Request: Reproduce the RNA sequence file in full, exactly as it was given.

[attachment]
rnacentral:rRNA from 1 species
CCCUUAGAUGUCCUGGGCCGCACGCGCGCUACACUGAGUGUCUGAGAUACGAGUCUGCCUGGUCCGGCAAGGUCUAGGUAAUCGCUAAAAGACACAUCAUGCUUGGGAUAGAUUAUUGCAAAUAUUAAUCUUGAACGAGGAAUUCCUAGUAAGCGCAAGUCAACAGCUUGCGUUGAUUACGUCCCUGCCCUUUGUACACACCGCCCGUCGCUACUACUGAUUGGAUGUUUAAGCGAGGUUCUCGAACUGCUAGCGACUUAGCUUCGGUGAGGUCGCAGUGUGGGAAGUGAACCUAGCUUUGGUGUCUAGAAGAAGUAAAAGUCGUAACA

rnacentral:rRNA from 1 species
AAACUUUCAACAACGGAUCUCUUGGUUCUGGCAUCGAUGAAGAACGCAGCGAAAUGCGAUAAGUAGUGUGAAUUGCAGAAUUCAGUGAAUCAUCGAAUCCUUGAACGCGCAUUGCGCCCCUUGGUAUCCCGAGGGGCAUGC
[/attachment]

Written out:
rnacentral:rRNA from 1 species
CCCUUAGAUGUCCUGGGCCGCACGCGCGCUACACUGAGUGUCUGAGAUACGAGUCUGCCUGGUCCGGCAAGGUCUAGGUAAUCGCUAAAAGACACAUCAUGCUUGGGAUAGAUUAUUGCAAAUAUUAAUCUUGAACGAGGAAUUCCUAGUAAGCGCAAGUCAACAGCUUGCGUUGAUUACGUCCCUGCCCUUUGUACACACCGCCCGUCGCUACUACUGAUUGGAUGUUUAAGCGAGGUUCUCGAACUGCUAGCGACUUAGCUUCGGUGAGGUCGCAGUGUGGGAAGUGAACCUAGCUUUGGUGUCUAGAAGAAGUAAAAGUCGUAACA

rnacentral:rRNA from 1 species
AAACUUUCAACAACGGAUCUCUUGGUUCUGGCAUCGAUGAAGAACGCAGCGAAAUGCGAUAAGUAGUGUGAAUUGCAGAAUUCAGUGAAUCAUCGAAUCCUUGAACGCGCAUUGCGCCCCUUGGUAUCCCGAGGGGCAUGC